And it struck me how rarely we – coaches or not – employ that ability in everyday life, with friends, lovers and strangers.  How often we rush to assert ourselves, or make often pointless asides, therefore stopping the birth of new thought before it has a chance to hatch.  So I’ve started doing more of the ‘witnessing’ in my daily life, even with strangers – on the bus, or in the queue, or the usual hurried daily interactions.  And amazing things have happened – a sudden smile, a feeling of lives acknowledged and connections made, even for a fleeting moment.  I’m hoping that the habit – once learnt – can never be unlearnt, and that all of us who felt truly ‘witnessed’ by another person will never forget the feeling and settle for anything less.

A few weeks ago, I was waiting in the reception of a large consultancy, together with a few other people…  We were sharing our space in that typical big-city way, where the done thing is to avoid eye contact, and stare pointedly at a newspaper or one of the free magazines on offer, while waiting for our respective meeting partners to come and sign us in.

It was a rainy Friday morning, and all of us were, I guess, also going through the encroaching end to our working weeks, and looking forward to the weekend. 

At one point, the kindly receptionist broke the spell by offering us all a Kit-kat, from the pyramid of chocolate treats that she was artfully arranging in front of her.  The usual conversation followed: oh I couldn’t possibly, it’s far too early for chocolate, are you really sure… but the offer of sharing of food broke the spell, and suddenly created a community. 

We all started chatting – around our love of Kit-kats or otherwise – and it turned out that a new temp that was starting that morning had a passionate love of food and cooking, which she inherited from her grandmother; the rather forlorn-looking pinstripe-suit man (there for an interview?) turned out to be a part-time cook in an old people’s home; while I reminisced how both of my grandmothers used baking to express love, and how certain smells still take me straight back to childhood!

And it reminded me of the simplicity of connecting over a shared love of food: something so simple as sharing a chocolate bar caused a true connection of human spirit, and we were suddenly – and briefly – all witnessing each other’s life journeys. 

A similar thing recently happened at the networking club I belong to: one of the receptionists was leaving, and instead – or rather, in addition to – traditional leaving drinks, she cooked us all a big ‘meze-type’ meal from her home country.  It was the first time in about 4 months that I’d been going to that club that people actually chatted to strangers over shared plates, rather than just coming in for their meetings, or staring intently at their laptops.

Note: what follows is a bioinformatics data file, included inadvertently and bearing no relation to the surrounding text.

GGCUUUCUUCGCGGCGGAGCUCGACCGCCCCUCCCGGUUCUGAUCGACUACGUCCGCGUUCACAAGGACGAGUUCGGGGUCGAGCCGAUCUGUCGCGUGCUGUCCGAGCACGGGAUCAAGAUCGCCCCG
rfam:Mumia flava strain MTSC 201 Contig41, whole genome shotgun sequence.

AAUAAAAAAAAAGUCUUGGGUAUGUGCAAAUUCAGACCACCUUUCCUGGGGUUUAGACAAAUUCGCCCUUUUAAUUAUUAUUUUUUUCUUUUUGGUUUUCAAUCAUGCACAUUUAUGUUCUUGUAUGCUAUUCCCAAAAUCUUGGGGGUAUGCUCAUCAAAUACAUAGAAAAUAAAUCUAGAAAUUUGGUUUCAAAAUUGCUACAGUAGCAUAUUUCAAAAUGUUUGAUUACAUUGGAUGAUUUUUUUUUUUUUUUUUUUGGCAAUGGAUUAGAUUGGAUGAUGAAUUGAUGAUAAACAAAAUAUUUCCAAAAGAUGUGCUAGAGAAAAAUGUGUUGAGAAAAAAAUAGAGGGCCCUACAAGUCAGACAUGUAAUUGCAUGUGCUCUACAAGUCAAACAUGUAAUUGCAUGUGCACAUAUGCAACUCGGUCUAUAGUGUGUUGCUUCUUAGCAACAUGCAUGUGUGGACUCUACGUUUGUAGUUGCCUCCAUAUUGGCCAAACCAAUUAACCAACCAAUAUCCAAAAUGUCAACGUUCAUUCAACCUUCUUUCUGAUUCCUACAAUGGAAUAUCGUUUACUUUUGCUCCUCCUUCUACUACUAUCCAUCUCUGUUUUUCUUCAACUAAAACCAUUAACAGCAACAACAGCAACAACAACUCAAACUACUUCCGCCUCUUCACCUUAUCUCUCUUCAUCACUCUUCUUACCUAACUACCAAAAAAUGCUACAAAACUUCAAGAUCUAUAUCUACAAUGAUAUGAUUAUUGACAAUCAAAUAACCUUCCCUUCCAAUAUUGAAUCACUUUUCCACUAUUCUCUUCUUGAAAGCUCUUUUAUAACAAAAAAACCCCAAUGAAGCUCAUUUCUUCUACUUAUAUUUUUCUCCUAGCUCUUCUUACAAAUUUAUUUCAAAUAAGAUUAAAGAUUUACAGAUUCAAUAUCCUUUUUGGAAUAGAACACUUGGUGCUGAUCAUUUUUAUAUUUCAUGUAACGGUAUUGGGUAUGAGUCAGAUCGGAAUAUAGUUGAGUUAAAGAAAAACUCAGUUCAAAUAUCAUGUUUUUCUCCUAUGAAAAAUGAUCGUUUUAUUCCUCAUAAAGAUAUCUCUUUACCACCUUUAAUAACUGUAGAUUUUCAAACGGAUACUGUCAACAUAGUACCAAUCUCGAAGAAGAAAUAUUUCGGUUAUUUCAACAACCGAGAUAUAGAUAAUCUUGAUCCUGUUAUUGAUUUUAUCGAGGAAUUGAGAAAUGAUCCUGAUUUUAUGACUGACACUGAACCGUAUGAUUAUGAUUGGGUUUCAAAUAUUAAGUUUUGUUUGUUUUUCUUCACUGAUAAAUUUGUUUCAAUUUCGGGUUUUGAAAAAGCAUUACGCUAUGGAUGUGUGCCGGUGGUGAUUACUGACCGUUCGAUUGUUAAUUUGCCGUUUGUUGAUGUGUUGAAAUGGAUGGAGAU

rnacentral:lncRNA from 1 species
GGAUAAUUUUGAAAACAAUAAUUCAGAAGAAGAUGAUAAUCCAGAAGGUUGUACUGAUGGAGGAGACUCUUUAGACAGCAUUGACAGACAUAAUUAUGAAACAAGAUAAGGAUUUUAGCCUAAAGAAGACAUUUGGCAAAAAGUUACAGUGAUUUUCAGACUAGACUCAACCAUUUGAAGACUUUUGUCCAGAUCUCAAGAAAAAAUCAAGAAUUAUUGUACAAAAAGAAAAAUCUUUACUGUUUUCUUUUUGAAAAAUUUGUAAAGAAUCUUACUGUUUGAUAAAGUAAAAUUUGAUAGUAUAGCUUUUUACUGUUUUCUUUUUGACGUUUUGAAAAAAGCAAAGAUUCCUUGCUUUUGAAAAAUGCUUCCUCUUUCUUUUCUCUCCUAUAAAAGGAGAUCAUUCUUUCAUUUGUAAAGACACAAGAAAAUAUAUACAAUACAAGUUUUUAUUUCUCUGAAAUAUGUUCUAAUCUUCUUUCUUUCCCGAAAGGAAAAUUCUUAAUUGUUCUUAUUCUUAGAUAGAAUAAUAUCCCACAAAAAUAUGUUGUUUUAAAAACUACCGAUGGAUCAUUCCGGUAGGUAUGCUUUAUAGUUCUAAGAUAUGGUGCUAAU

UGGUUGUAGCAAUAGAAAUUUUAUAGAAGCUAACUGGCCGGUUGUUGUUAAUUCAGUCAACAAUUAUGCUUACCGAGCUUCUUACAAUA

Once again, I’m reminded of the beauty of real-time, real-life, sense-filled connection, which at the moment can’t seem to be replicated in the digital world.  For all the shared jokes and video clips – and yes, some of them involving food – computer-based social connection still seems to be missing the simplicity, smells and tastes of the shared food experience.

… or the importance of being pleasantly surprised!

Since Apple introduced the ingenious Shuffle button, enabling mp3 players to mix up tracks from your downloaded choice of music, rather than following an obvious pattern such as listening to the whole album, or many songs by the same artist, or the same genre, my experience of listening to music has been revolutionized.  I love hitting that double-loop button and waiting to hear what comes next… so a yoga chant may be followed by a movement from a piano concerto, followed by Rufus Wainwright, followed by Muse, followed by Ute Lemper (it works best if you have eclectic tastes)!

I then started thinking how I could put my life on shuffle: open myself up to new experiences – or new combinations of experiences that I’ve previously enjoyed – without knowing where the journey will take me next.  Or how or when it will end… (the equivallent of pressing the Stop or Pause button)

It was easier – and with more delightful consequences – than I could’ve imagined.  All it requires is an openness to experience, a full presence in the moment, and the ability to observe what – and who – is around me…

The only difficult thing about Life on shuffle (unlike the iPod shuffle) is choosing which random experience, thought or person to go with… but that only serves to refine my decision-making capabilities, knowing what – and who – is worth abandoning the previous ‘download’ for!